Berluti Shoelace Knot

Berluti Shoelace Knot diagram

Also known as the “Double Shoestring Knot”, this is a secure knot popularized by Olga Berluti. Begin as per the Standard Shoelace Knot and finish by feeding the opposite loop through the middle before tightening.

Step 1:

Begin with regular “Starting Knot”

Begin with a regular Left-over-Right Starting Knot.

Step 2:

Fold right (blue) end into a “loop”

Make the right (blue) end into a “loop” by simply doubling it back onto itself.

Step 3:

Pass left (yellow) end behind loop

Take the left (yellow) end and pass it around to the right, going behind the right loop.

Step 4:

Finish wrapping around the loop

Continue the left (yellow) end around the right loop to end up in front.

Step 5:

Push left (yellow) loop into “hole”

Start to push the left (yellow) lace into the “hole” that has just been made.

Step 6:

Loop emerges out the right side

The yellow lace comes out through the back of the hole to form a right (yellow) loop.

Up to this point, the knot is exactly the same as the Standard Shoelace Knot – but don't pull it tight just yet!

Step 7:

Wrap left (blue) loop around to back

Wrap the left (blue) loop around the back and begin to feed it through the back of the hole in the middle.

Step 8:

Loop through hole, emerges at left

The left (blue) loop emerges through the front of the hole and continues towards the left-hand side.

Step 9:

Pull tight to complete the knot

Now, simply pull the loops to tighten the knot. The whole twisted mess of the previous drawing will rearrange itself into a fairly neat finished knot.

Finished Knot

Finished Berluti Shoelace Knot

The finished Berluti Shoelace Knot should be a tight, closed knot with a double wrap around the middle – although the left loose end only passes through one of those wraps.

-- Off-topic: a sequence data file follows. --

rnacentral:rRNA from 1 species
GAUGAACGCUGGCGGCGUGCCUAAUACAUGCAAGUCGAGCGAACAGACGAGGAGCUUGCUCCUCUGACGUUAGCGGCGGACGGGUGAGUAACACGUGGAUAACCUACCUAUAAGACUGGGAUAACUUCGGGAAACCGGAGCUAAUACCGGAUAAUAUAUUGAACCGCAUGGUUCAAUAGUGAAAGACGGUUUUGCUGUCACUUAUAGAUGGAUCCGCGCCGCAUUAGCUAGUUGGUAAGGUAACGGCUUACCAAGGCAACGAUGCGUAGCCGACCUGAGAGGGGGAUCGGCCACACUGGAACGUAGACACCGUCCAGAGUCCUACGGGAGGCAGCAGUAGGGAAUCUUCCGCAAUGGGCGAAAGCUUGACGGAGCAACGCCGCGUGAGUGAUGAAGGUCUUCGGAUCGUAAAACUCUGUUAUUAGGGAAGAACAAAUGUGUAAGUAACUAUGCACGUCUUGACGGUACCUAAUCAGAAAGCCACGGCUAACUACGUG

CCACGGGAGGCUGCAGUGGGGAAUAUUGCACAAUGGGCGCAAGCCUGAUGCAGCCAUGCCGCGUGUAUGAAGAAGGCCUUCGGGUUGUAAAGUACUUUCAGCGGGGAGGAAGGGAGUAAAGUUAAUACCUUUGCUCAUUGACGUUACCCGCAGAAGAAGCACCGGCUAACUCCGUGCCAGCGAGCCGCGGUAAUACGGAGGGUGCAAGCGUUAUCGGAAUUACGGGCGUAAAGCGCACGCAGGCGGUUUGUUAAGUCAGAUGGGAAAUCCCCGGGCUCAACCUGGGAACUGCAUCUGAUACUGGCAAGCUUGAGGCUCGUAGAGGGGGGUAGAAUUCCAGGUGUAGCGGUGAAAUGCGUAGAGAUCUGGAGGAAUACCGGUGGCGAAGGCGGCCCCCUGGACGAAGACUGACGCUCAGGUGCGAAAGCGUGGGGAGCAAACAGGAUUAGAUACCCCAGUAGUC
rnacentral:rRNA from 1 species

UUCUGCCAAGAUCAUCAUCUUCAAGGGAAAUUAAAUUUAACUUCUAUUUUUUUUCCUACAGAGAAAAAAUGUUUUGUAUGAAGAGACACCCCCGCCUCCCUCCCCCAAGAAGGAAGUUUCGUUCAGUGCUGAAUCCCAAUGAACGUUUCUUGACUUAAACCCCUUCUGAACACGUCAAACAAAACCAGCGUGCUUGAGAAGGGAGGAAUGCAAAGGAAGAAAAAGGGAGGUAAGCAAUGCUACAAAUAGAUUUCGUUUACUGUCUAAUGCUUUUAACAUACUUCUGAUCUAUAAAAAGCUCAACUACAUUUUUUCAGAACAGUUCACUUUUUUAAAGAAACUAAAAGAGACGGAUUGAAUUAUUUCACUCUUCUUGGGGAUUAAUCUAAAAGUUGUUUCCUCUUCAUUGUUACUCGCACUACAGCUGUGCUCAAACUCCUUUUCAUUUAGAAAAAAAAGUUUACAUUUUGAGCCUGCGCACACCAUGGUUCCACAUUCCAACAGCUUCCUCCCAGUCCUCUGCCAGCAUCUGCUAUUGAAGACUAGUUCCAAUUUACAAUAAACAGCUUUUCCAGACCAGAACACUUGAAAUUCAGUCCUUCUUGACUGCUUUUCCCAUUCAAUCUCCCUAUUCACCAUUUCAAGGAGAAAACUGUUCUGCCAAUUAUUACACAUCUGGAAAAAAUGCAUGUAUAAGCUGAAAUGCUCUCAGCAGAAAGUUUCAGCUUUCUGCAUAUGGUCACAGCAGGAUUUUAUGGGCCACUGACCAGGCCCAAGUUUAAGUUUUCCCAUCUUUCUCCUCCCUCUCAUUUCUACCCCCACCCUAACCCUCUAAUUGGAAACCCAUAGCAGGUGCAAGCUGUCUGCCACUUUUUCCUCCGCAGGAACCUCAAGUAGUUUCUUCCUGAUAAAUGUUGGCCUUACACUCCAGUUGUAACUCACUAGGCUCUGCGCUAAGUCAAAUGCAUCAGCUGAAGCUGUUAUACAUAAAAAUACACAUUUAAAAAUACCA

Technical Details

History of the knot

According to the Berluti website, it was designer Olga Berluti who introduced the knot in the 1970s, taking her inspiration from the royal Duke of Windsor (who in turn popularized the “Windsor Knot” for neckties).

In fact, the knot is identical to the pre-existing “Double Shoestring Knot”, which appears as #1216 in The Ashley Book of Knots by Clifford Ashley.

Different techniques

I've seen conflicting instructions for the Berluti Shoelace Knot.

The video on the website actually shows a slightly different secure knot (the Surgeon's Shoelace Knot). There are several other Berluti Knot videos circulating on YouTube that also show slightly different techniques.

The technique shown on this web page is based on the original set of sketches that I found on the website some time around 2008. Berluti have since changed to a very minimalist set of line diagrams – although still showing the identical technique.

This technique also produces a finished knot that corresponds with photos that I've seen elsewhere of Berluti shoes that have arrived pre-tied from the factory, which makes me more certain that this is the preferred technique.

Double Starting Knot

Double Starting Knot

The Berluti Shoelace Knot is often described with a Double Starting Knot (see image at right) – which I consider to be an “optional extra” for tying any shoelace knot more tightly. My diagrams therefore begin with the simpler regular Starting Knot.

Knot security

The Berluti Shoelace Knot has a slightly assymetrical security due to the way the loose ends pass under the double wrap in the middle of the knot.

Finished Berluti Shoelace Knot

The loose end on the right side is secured under both wraps, similar to my Ian's Secure Shoelace Knot (and several other secure knots). However, the loose end on the left side is secured under only one of the wraps, similar to my Standard Shoelace Knot. This means that pulling the left end will untie the knot more easily than pulling the right end.

Overall, this makes the knot slightly more secure than other “standard” shoelace knots yet slightly less secure than many of the other “secure” shoelace knots.

NOTE: For normal activities, the Ian Knot or other standard knots should be quite secure. I believe that many people seek more secure knots because they are, without realizing, tying their shoelaces with an un-balanced “Granny Knot”. Please see my Granny Knot page that discusses this in detail.

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This page last updated: 22-Jul-2021. Copyright © 2018-2021 by Ian W. Fieggen. All rights reserved.

Website created by Ian Fieggen (aka. “Professor Shoelace”), inventor of the Ian Knot.

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